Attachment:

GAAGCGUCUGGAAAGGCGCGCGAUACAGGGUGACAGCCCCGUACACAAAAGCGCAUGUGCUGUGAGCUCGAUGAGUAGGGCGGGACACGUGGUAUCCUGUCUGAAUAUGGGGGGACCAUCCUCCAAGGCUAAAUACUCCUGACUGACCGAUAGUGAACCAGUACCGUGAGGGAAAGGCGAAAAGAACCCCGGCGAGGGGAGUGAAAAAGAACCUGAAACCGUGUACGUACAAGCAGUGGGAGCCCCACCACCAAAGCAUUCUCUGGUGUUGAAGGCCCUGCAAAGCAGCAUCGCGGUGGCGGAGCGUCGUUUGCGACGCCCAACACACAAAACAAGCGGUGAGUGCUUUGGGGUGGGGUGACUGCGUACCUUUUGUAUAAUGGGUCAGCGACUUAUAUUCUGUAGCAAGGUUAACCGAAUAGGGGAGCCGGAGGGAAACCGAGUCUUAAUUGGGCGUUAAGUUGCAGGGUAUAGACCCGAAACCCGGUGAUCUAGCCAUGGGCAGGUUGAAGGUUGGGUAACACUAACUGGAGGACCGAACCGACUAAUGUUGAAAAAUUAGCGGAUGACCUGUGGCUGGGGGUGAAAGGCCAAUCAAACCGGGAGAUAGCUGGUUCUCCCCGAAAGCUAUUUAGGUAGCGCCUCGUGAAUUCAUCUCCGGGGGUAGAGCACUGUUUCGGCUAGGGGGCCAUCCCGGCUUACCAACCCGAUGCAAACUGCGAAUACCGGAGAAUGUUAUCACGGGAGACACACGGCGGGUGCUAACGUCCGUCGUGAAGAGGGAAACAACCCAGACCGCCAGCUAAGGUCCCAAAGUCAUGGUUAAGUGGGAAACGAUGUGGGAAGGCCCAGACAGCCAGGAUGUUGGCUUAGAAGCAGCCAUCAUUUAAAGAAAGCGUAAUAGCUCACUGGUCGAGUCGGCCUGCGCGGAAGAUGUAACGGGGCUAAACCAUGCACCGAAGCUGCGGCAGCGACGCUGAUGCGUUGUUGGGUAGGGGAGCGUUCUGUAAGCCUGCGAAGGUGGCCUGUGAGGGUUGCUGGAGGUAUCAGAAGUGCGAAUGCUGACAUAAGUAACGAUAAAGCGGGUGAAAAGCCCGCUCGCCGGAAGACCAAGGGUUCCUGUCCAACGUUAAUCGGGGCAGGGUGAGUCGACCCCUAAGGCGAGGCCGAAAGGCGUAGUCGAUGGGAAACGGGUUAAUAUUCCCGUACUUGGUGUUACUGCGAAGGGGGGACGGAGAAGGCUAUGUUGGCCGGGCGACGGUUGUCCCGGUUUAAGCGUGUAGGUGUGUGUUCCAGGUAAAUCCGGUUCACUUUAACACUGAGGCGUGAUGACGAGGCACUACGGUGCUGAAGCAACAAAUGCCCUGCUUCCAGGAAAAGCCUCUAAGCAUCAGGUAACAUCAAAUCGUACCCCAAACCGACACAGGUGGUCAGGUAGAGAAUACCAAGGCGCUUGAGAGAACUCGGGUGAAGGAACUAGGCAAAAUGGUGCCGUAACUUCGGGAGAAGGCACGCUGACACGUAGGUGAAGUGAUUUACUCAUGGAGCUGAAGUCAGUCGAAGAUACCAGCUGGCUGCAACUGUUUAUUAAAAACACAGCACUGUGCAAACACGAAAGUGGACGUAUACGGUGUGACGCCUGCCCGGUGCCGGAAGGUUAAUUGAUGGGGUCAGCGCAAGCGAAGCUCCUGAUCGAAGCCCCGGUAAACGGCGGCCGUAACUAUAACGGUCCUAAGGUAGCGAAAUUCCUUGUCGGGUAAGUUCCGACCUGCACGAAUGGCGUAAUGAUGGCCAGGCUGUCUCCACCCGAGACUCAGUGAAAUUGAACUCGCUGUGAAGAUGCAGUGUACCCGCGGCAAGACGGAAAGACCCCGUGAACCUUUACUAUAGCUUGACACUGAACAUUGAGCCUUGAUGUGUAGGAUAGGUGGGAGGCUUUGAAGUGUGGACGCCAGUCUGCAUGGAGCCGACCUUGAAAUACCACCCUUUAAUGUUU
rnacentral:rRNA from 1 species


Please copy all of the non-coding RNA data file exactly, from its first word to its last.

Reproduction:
GAAGCGUCUGGAAAGGCGCGCGAUACAGGGUGACAGCCCCGUACACAAAAGCGCAUGUGCUGUGAGCUCGAUGAGUAGGGCGGGACACGUGGUAUCCUGUCUGAAUAUGGGGGGACCAUCCUCCAAGGCUAAAUACUCCUGACUGACCGAUAGUGAACCAGUACCGUGAGGGAAAGGCGAAAAGAACCCCGGCGAGGGGAGUGAAAAAGAACCUGAAACCGUGUACGUACAAGCAGUGGGAGCCCCACCACCAAAGCAUUCUCUGGUGUUGAAGGCCCUGCAAAGCAGCAUCGCGGUGGCGGAGCGUCGUUUGCGACGCCCAACACACAAAACAAGCGGUGAGUGCUUUGGGGUGGGGUGACUGCGUACCUUUUGUAUAAUGGGUCAGCGACUUAUAUUCUGUAGCAAGGUUAACCGAAUAGGGGAGCCGGAGGGAAACCGAGUCUUAAUUGGGCGUUAAGUUGCAGGGUAUAGACCCGAAACCCGGUGAUCUAGCCAUGGGCAGGUUGAAGGUUGGGUAACACUAACUGGAGGACCGAACCGACUAAUGUUGAAAAAUUAGCGGAUGACCUGUGGCUGGGGGUGAAAGGCCAAUCAAACCGGGAGAUAGCUGGUUCUCCCCGAAAGCUAUUUAGGUAGCGCCUCGUGAAUUCAUCUCCGGGGGUAGAGCACUGUUUCGGCUAGGGGGCCAUCCCGGCUUACCAACCCGAUGCAAACUGCGAAUACCGGAGAAUGUUAUCACGGGAGACACACGGCGGGUGCUAACGUCCGUCGUGAAGAGGGAAACAACCCAGACCGCCAGCUAAGGUCCCAAAGUCAUGGUUAAGUGGGAAACGAUGUGGGAAGGCCCAGACAGCCAGGAUGUUGGCUUAGAAGCAGCCAUCAUUUAAAGAAAGCGUAAUAGCUCACUGGUCGAGUCGGCCUGCGCGGAAGAUGUAACGGGGCUAAACCAUGCACCGAAGCUGCGGCAGCGACGCUGAUGCGUUGUUGGGUAGGGGAGCGUUCUGUAAGCCUGCGAAGGUGGCCUGUGAGGGUUGCUGGAGGUAUCAGAAGUGCGAAUGCUGACAUAAGUAACGAUAAAGCGGGUGAAAAGCCCGCUCGCCGGAAGACCAAGGGUUCCUGUCCAACGUUAAUCGGGGCAGGGUGAGUCGACCCCUAAGGCGAGGCCGAAAGGCGUAGUCGAUGGGAAACGGGUUAAUAUUCCCGUACUUGGUGUUACUGCGAAGGGGGGACGGAGAAGGCUAUGUUGGCCGGGCGACGGUUGUCCCGGUUUAAGCGUGUAGGUGUGUGUUCCAGGUAAAUCCGGUUCACUUUAACACUGAGGCGUGAUGACGAGGCACUACGGUGCUGAAGCAACAAAUGCCCUGCUUCCAGGAAAAGCCUCUAAGCAUCAGGUAACAUCAAAUCGUACCCCAAACCGACACAGGUGGUCAGGUAGAGAAUACCAAGGCGCUUGAGAGAACUCGGGUGAAGGAACUAGGCAAAAUGGUGCCGUAACUUCGGGAGAAGGCACGCUGACACGUAGGUGAAGUGAUUUACUCAUGGAGCUGAAGUCAGUCGAAGAUACCAGCUGGCUGCAACUGUUUAUUAAAAACACAGCACUGUGCAAACACGAAAGUGGACGUAUACGGUGUGACGCCUGCCCGGUGCCGGAAGGUUAAUUGAUGGGGUCAGCGCAAGCGAAGCUCCUGAUCGAAGCCCCGGUAAACGGCGGCCGUAACUAUAACGGUCCUAAGGUAGCGAAAUUCCUUGUCGGGUAAGUUCCGACCUGCACGAAUGGCGUAAUGAUGGCCAGGCUGUCUCCACCCGAGACUCAGUGAAAUUGAACUCGCUGUGAAGAUGCAGUGUACCCGCGGCAAGACGGAAAGACCCCGUGAACCUUUACUAUAGCUUGACACUGAACAUUGAGCCUUGAUGUGUAGGAUAGGUGGGAGGCUUUGAAGUGUGGACGCCAGUCUGCAUGGAGCCGACCUUGAAAUACCACCCUUUAAUGUUU
rnacentral:rRNA from 1 species